We interrupt this regularly scheduled programming to bring you… drum roll please, LADYBUGS! They are well deserving of some props among all the flower photos.
Bees and Butterflies tend to get most of the attention and justifiably so as prolific pollinators. However, this little industrious flying insect deserves its time in the spot light: They provide a serious service as garden protectors from nasty pests such as aphids!
“The common ladybug or lady beetle is a great natural enemy of aphids and is often used as a biological control for this insect. According to some estimates, an adult ladybug can easily eat up to 50 aphids in just one day. Their larvae also feed on aphids and can eat their body weight in aphids per day as well”
Now if they don’t deserve some time in the limelight, I do not know what other beneficial insect does – say for bees and butterflies.
Ladybug Memories as a Little Kid
I remember as a little kid gathering ladybugs at the beach.
Seems like an odd place to find them, but sometimes they’d be on the beach in droves. Often a bit water-logged down by the shoreline. I’d gather the little fellas in my metal watering can.
It’s a fond memory, but as a little kid I had no idea of the beneficial service they performed.
It also brings to memory the nursery rhyme: “Ladybug Ladybug fly away home”…
Fast forward to an adult and learning more about these little orange flying beetles. They are not only pretty with their bright orange bodies and black spots. But they help keep nefarious, sap-sucking garden pests at bay.
Keeping Garden Pests at Bay
Ladybugs are an inexpensive solution to warring garden pests and are far better for the environment than nasty chemical pesticides.
Better yet, these beneficial flying insects won’t hurt people, plants or pets. So they are a good sign to have them performing their services in your garden. Yay!
“A ladybug is a good sign in a garden because it can mean fewer problems from pests, particularly the dreaded aphids. … In addition to aphids, ladybugs also feed on other soft-bodied, plant-eating insects, including: Mites. Scales and Mealybugs.”
Apparently Ladybugs actually eat two things: insect pests AND pollen. They need both to survive and when these things are in abundance, ladybugs will happily relocate to your garden.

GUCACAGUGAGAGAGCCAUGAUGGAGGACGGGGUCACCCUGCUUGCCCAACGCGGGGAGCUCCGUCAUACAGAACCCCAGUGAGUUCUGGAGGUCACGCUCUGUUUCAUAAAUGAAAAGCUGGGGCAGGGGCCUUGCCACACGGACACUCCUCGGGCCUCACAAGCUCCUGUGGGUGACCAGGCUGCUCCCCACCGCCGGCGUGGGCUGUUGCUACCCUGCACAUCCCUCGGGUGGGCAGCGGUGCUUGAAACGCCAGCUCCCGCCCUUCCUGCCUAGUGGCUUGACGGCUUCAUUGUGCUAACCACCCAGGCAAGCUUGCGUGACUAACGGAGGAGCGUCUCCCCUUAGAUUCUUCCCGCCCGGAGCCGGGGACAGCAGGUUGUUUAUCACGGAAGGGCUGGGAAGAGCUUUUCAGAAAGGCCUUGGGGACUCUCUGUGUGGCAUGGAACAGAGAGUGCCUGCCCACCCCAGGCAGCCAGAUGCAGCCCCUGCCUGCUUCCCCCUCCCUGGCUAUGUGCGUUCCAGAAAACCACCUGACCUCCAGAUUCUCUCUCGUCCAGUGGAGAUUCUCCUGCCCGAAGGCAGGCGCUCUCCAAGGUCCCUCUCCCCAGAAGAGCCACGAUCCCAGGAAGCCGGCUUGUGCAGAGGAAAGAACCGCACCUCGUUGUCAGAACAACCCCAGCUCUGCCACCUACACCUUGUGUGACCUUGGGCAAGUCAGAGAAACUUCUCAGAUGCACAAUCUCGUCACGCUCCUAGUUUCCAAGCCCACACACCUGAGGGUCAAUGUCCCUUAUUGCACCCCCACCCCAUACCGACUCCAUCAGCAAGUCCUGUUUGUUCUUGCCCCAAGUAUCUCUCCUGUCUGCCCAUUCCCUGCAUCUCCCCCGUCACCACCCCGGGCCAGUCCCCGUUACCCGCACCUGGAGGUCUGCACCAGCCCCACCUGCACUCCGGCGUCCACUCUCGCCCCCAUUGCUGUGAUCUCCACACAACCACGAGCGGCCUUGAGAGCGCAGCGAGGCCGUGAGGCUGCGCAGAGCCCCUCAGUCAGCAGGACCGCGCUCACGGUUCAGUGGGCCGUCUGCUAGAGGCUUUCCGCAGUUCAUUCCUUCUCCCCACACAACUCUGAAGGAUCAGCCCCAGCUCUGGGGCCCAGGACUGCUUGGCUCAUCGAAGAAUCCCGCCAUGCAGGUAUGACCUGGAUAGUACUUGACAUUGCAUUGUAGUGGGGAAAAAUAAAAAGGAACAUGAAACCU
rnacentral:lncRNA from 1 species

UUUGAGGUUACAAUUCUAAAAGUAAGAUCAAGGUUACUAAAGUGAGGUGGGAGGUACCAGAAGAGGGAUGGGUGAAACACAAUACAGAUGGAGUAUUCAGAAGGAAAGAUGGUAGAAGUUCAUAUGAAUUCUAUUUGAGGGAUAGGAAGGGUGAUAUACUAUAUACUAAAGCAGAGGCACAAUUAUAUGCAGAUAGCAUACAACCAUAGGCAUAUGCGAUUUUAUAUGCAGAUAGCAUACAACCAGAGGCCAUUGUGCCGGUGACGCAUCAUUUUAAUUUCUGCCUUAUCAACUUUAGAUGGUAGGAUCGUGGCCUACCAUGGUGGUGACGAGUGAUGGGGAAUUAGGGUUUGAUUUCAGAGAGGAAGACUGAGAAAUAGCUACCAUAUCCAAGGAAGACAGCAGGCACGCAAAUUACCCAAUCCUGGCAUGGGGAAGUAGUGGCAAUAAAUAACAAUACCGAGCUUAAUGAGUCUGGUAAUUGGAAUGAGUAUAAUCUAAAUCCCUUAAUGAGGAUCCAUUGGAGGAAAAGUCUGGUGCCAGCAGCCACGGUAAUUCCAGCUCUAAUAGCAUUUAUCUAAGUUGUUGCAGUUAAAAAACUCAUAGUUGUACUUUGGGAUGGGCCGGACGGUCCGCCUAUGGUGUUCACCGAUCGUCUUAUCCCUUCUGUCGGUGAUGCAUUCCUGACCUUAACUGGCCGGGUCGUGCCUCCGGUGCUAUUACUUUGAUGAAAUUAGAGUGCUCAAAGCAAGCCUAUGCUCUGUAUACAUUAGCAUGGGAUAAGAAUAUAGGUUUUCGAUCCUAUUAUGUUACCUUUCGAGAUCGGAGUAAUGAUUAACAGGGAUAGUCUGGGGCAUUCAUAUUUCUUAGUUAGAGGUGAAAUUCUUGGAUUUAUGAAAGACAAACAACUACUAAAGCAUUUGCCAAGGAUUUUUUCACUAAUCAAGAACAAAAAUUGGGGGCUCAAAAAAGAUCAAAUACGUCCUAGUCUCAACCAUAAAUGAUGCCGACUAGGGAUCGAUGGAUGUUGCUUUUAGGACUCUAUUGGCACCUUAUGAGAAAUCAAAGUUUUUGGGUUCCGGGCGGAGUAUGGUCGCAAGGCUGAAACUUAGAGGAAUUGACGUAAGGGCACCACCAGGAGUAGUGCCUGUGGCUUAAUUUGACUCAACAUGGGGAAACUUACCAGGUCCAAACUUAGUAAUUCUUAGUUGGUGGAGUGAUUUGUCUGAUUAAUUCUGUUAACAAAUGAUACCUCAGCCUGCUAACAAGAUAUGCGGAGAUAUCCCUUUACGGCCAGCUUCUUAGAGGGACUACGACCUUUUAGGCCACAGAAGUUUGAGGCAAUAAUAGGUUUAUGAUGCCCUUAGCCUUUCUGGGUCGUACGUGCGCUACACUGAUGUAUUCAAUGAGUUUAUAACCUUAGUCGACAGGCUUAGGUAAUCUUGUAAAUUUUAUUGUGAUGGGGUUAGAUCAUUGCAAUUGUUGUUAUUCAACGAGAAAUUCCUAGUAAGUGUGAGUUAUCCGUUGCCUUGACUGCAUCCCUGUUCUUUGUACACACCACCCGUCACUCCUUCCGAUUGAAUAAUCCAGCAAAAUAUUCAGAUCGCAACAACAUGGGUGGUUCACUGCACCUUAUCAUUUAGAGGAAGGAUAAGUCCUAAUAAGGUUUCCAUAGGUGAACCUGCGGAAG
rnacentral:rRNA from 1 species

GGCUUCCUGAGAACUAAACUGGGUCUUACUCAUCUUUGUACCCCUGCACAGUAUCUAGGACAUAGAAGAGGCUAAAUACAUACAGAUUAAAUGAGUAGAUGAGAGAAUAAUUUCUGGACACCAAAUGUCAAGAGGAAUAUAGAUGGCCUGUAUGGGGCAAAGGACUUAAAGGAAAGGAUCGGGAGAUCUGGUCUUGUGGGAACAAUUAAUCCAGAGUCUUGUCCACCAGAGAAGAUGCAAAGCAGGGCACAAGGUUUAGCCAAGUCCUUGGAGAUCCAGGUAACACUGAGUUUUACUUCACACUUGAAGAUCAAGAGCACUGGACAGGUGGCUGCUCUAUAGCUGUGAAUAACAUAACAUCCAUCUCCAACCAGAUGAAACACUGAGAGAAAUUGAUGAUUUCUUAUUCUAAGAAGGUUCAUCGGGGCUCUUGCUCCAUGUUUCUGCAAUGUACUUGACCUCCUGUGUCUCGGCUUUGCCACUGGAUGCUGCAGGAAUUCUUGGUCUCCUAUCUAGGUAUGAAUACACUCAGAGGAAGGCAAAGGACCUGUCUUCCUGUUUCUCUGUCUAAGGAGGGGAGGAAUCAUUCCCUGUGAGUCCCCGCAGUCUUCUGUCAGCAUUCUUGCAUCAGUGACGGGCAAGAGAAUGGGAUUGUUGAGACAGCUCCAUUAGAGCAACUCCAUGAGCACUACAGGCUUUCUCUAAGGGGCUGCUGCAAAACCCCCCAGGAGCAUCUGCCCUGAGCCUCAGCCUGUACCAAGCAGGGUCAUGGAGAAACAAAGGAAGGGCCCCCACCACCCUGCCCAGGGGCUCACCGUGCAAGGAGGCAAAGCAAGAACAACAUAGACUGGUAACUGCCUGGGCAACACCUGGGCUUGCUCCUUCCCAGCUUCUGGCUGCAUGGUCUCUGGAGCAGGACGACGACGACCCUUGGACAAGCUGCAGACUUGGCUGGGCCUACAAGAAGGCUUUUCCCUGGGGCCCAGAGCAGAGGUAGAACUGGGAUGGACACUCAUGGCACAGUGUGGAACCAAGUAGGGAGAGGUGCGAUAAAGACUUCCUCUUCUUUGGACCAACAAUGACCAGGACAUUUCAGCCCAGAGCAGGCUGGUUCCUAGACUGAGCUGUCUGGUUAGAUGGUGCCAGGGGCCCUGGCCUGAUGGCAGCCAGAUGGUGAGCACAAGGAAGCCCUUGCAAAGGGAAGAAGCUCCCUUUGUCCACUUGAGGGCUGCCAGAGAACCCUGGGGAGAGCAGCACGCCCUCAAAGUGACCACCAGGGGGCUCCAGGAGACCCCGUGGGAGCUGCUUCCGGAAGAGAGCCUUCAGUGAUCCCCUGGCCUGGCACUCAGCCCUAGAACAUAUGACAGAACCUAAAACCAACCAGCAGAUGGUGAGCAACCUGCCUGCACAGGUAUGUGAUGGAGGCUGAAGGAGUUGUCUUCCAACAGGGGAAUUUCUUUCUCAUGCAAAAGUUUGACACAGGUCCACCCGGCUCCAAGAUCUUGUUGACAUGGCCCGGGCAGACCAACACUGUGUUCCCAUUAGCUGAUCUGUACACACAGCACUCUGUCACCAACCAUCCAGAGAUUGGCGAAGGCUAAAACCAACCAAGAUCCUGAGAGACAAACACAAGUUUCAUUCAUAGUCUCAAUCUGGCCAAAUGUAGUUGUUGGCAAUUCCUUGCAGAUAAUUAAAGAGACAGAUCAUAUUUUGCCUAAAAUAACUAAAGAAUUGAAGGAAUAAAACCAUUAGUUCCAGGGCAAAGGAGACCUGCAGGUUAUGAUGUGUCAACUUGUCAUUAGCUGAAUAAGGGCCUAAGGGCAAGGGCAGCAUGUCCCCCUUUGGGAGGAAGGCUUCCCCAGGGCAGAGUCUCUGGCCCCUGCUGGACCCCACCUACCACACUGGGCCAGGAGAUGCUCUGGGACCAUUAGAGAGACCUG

More Yay! 🙂
Wandering around the gardens I frequent for flower photos, I’ve recently observed how aphids have completely taken over the newly blooming white yucca flowers.
For the record, we’re not talking of a few aphids here and there. We’re talking hundreds of aphids gathered and packed so tightly together that you cannot even see the stem of the flower. There are literally clusters upon clusters of aphids so that these flowers are decimated and wilted by this sad destruction. .
Needless to say, I’m NOT a fan of aphids with their nasty flower destroying nature So it brought me great joy to find this ladybug on patrol on these pretty yucca flowers
Finding Ladybugs Among My Flower Photos
I don’t generally seek out taking photos of ladybugs on flowers. They definitely have their own agenda. However. when they do make an appearance, these bright orange fellas can be hard to miss. The contrast of colors alone is striking!
Whether it’s hanging out on a little Bachelor Button about to open, nestled among the purple Allium, or meandering on showy Milkweed buds, it’s always a delight when I catch a photo of them among the flowers. Sometimes they can be moving rather quickly – focusing on their next meal. Other times they may just be hanging out or nibbling on some flower pollen. Regardless of what they may be doing, I truly enjoy the pleasure of photographing them. 🙂